Friday, June 24, 2011

Annex Theory - Beneath The Skin

Annex Theory
Beneath The Skin
Pivotal Rockordings

Winnipeg (Manitoba, Canada) based Annex Theory are a relatively new act to the metal scene, with ‘Beneath The Skin’ their debut E.P. offering after having first come together back in 2008. And despite only containing four tracks, ‘Beneath The Skin’ is one of the most promising debuts I’ve heard in a long time.
Fronted by former Quo Vadis/Damascus front man Trevor Birnie, and joined by guitarists Sam Jacobs and Wade Forshaw, bassist Jordan Fehr, keyboardist Matt Rutowicz and drummer Adam Jefkins, Annex Theory take elements of melodic death metal, progressive metal and metalcore, and blend them all together to create a sound that injects life into what has since become quite a tired and predictable genre.
The opening title track ‘Beneath The Skin’ begins in an aggressive and yet melodic death metal direction, with plenty of technical finesse woven into the tight knit guitar riffing and the swathes of atmospheric keyboards the flourish over the whole piece. But outside the band’s musical prowess, it’s the varied vocal approach of Birnie that impresses, with a mix of the aggressive and melodic that really showcases the many shades that make up the band’s overall sound, which inevitably puts a new spin on what progressive metalcore can sound like.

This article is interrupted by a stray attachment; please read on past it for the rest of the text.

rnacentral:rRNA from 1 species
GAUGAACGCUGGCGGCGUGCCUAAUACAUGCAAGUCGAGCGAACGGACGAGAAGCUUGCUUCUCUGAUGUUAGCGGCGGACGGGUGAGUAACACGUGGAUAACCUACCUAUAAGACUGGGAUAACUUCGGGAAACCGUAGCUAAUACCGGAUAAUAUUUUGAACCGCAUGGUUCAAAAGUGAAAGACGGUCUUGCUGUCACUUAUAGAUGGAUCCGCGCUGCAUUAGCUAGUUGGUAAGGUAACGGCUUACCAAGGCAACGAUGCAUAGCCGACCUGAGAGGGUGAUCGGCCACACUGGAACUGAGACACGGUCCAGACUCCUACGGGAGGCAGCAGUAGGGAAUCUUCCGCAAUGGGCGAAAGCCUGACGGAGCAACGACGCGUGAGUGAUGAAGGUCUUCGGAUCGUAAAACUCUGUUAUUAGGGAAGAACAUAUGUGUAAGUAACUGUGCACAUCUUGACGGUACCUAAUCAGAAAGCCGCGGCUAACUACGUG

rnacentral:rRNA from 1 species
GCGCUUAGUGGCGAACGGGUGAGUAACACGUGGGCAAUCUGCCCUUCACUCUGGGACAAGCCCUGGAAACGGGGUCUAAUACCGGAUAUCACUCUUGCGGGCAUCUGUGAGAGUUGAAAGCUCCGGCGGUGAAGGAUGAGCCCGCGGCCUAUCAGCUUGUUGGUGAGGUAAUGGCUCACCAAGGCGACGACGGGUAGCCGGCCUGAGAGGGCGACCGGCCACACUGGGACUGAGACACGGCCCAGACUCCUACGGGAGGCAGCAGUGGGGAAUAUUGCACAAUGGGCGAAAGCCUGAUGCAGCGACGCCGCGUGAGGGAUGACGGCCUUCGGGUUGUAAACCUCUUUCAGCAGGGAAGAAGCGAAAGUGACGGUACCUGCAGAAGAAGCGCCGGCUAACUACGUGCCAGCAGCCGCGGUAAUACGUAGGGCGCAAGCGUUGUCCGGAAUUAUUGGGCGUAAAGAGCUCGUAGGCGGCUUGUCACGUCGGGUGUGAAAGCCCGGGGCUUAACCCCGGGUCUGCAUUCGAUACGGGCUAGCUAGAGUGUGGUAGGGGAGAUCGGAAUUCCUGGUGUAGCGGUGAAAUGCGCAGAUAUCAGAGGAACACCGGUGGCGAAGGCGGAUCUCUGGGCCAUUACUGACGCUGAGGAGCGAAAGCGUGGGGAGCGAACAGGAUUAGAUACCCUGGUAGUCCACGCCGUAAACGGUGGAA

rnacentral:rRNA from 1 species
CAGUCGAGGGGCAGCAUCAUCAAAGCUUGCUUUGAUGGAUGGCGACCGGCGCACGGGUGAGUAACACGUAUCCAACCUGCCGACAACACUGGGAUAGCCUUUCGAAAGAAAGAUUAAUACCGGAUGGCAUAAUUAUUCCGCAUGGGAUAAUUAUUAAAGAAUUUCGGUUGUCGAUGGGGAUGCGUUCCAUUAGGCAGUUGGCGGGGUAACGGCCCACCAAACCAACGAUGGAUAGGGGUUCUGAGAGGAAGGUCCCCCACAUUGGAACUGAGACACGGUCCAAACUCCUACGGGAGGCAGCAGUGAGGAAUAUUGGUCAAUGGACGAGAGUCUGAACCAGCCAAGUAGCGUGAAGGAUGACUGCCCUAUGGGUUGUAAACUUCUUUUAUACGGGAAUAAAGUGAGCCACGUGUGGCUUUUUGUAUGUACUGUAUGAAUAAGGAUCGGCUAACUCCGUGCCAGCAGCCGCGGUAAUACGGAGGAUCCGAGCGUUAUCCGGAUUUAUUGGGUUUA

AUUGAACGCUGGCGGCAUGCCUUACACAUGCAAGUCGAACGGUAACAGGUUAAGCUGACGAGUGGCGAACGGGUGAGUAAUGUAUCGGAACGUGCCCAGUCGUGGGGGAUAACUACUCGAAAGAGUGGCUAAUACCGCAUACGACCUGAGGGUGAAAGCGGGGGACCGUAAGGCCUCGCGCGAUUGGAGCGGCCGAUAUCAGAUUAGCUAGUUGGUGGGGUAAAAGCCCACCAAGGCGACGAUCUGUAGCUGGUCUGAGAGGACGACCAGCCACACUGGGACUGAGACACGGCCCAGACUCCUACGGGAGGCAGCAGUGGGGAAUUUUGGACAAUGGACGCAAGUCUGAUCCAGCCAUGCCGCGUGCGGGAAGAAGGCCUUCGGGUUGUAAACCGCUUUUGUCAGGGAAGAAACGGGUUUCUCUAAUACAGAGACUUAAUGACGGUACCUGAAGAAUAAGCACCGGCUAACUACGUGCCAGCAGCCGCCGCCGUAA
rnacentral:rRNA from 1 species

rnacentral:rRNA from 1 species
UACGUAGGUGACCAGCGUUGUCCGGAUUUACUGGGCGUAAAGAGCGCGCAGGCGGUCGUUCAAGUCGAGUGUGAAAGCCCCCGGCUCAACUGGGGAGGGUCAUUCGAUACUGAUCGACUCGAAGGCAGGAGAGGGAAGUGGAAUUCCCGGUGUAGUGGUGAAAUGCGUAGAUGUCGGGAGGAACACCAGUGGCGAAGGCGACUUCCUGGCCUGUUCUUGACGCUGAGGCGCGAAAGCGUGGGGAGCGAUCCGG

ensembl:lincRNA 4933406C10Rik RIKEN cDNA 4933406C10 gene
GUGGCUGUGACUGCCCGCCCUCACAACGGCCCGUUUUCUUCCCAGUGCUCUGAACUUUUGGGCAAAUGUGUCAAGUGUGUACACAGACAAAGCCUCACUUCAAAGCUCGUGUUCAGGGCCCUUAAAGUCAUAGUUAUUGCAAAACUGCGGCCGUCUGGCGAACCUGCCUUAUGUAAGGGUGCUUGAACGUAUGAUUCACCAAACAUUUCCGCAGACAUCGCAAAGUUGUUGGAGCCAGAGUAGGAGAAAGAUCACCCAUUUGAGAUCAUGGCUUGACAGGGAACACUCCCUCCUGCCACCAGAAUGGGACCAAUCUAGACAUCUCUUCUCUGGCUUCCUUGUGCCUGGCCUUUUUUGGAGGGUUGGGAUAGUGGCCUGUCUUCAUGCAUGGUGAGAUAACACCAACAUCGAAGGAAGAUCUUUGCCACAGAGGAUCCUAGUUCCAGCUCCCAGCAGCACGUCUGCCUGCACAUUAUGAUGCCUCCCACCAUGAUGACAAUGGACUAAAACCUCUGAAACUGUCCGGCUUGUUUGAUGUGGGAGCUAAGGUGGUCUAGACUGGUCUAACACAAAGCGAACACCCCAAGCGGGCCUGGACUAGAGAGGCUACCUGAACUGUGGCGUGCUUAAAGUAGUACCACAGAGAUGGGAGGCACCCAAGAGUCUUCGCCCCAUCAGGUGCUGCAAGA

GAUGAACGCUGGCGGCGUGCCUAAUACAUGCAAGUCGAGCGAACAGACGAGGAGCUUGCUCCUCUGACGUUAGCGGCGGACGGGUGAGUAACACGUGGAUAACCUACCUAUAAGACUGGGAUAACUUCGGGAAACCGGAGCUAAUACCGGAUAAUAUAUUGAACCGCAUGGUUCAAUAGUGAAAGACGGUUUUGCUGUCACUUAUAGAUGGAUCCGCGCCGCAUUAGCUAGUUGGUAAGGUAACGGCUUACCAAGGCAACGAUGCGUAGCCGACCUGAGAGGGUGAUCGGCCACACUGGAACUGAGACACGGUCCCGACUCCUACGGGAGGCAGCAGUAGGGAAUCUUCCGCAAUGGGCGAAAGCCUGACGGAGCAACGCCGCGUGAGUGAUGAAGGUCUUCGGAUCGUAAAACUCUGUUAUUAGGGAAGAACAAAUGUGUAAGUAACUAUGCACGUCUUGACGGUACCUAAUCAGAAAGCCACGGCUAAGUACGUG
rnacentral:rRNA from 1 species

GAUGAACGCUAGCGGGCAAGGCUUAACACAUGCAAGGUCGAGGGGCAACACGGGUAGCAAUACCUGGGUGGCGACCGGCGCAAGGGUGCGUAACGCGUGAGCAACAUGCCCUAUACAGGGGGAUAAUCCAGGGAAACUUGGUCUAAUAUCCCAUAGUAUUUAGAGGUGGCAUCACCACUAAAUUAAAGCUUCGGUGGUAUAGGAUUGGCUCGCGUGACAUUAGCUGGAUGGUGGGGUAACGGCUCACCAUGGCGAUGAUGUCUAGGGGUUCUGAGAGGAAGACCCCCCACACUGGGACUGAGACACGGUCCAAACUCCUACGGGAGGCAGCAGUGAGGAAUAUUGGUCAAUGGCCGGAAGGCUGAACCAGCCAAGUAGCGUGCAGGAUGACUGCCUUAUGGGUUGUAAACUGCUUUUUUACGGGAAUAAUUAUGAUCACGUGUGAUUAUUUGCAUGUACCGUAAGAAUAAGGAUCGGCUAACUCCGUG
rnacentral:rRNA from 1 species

The follow up track ‘Event Horizon’ takes the sound of the opener and pushes it out even further, with the technical ability of the guitarists and Rutowicz’s keyboards given a little more space to shine with longer passages, while touches of Periphery/Tesseract ‘djent’ styled riffing can be heard within ‘Orbit’, without overshadowing the band’s core sound that was delivered on the first two tracks. Interestingly enough, touches of Faith No More’s Mike Patton can be heard briefly around the middle section on the vocal front, which definitely makes the song a real stand out on the E.P.
Finishing things up is ‘Horizons’, which is by far the E.P.’s heaviest and most technically and challenging effort. But while there’s plenty of heaviness within the song, Birnie’s dual clean/aggressive vocals do ensure that’s there’s still some sense of the melodic.
On the strength of the four tracks offered up, Annex Theory have certainly impressed in a major way. Where the band goes from here is unknown, but if they can manage to produce the same results over the course of a full-length effort, there’s no doubt that they’ll get plenty of attention for their abilities as musicians, as well as for their ability to seamlessly blend a multitude of styles and genres into their song writing.
‘Beneath The Skin’ comes highly recommended, and Annex Theory is definitely a band to keep an eye out for in the future.

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© Justin Donnelly